Saturday, July 02, 2016

Things we like: Michael Herr, Laurence Gonzales, Shawn James

Since the writer Michael Herr (1940-2016) passed a few days ago, I've re-read his 1977 Vietnam memoir Dispatches -- maybe the best book to come out of that cataclysm, with an episodic narrative style that sucks you in like a fever dream -- and realized how many phrases of his Namspeak ("Tits on a bull," "I've been scaled and now I'm smooth") have made their way into my vocabulary without my realizing it. Only Dylan has been more subliminally influential on my spiel. Because of Herr's involvement in films (Apocalypse Now, Full Metal Jacket), his voice has seeped into our collective unconscious in the same way. His greatness as a writer was in realizing that "war stories" are just stories about people, and in bearing true witness for the ordinary soldiers he met during his time in country.

The novel I'm re-reading now -- Laurence Gonzales' Jambeaux, a fictitious rockaroll saga pubbed a couple of years later, in 1979 -- is unimaginable without that voice (sincerest form of flattery). Its main characters, the musos Page and Link, are Nam vets who speak the same language as Herr's grunts, but find themselves in the rockaroll wars on the Gulf Coast in the mid-'70s. It's redolent of a time when The Music Biz was still a thing, and as such, it's kind of a period piece now, but it actually does a good job of detailing why the Big Buck/Big Record/Big Show model was unsustainable. Gonzales' characters are all archetypes, but he's good on process, whether it's playing a show, flying a plane, making a record, or taking a fix, and it's that gift for description that makes Jambeaux feel authentic.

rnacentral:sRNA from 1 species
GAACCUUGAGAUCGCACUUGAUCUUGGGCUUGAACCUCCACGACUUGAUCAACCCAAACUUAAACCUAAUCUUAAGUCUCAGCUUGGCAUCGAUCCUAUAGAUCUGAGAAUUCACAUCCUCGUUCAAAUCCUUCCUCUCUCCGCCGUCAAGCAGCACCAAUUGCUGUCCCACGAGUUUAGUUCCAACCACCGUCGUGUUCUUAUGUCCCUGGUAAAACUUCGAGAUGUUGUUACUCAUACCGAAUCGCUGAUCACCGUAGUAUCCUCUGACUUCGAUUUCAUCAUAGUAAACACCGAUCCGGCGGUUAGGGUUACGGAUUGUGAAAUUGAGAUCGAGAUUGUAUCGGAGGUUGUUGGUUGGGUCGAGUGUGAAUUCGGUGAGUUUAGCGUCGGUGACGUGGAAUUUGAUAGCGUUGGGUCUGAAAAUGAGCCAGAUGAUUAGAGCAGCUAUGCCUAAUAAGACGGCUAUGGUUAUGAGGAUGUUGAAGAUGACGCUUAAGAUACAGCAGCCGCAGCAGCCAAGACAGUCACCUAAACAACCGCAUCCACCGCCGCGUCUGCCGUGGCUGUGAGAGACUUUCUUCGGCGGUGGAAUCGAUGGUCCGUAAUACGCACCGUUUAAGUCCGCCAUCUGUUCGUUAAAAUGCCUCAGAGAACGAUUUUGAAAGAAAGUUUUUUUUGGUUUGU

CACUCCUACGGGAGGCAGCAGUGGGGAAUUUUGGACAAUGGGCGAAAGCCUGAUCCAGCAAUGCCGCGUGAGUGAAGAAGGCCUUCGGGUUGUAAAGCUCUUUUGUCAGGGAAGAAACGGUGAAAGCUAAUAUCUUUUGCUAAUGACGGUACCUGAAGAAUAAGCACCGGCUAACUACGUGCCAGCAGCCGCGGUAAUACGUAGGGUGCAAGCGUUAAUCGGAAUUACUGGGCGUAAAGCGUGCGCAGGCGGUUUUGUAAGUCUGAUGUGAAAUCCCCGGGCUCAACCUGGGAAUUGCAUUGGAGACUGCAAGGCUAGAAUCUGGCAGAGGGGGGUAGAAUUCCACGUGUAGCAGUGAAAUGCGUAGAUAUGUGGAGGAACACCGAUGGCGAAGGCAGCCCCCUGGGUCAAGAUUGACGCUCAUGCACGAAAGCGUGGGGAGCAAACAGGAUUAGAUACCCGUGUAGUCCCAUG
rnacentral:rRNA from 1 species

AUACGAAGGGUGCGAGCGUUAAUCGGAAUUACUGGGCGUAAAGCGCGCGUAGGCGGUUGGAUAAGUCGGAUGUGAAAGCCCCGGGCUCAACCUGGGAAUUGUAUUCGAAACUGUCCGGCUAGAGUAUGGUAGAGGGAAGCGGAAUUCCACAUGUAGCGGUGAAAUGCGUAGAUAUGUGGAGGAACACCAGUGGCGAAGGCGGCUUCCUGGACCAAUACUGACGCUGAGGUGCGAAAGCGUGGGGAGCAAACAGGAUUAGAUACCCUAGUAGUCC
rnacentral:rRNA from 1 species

Shawn James' voice reminds me of the way I imagine Page's might: it stings like the bite of tobacco smoke in your eyes, or straight whiskey on your palate. James hails from Fayetteville, Arkansas, and fronts a band called the Shapeshifters whom I haven't heard, but on his solo album On the Shoulders of Giants, recorded at Sun Studios in Memphis, he reimagines Delta blues -- the kind Son House, Bukka White, and Charlie Patton played -- as a kind of minimalist doom metal. James sings as though from the bottoms of his feet, roaring his masculinity like an illegitimate son of House (whose ghost is most present here on the closing acapella "Preacher Foretold"), or at least a second cousin of Paul Rodgers, creating an atmosphere replete with the heavy funk of sex, swamp water, and Spanish moss hanging from ancient trees. Somehow, with just voice, resophonic guitar, kick drum and tambourine, he manages to achieve something seldom heard: a genuinely heavy acoustic music. Sure, he's a one-man band, but unlike most of his contemporaries who work in that format, he doesn't play it even partly for laughs. Rather, the sound carries the same sense of dread and menace as the original Delta blues: music to chase down demons by.


Post a Comment

<< Home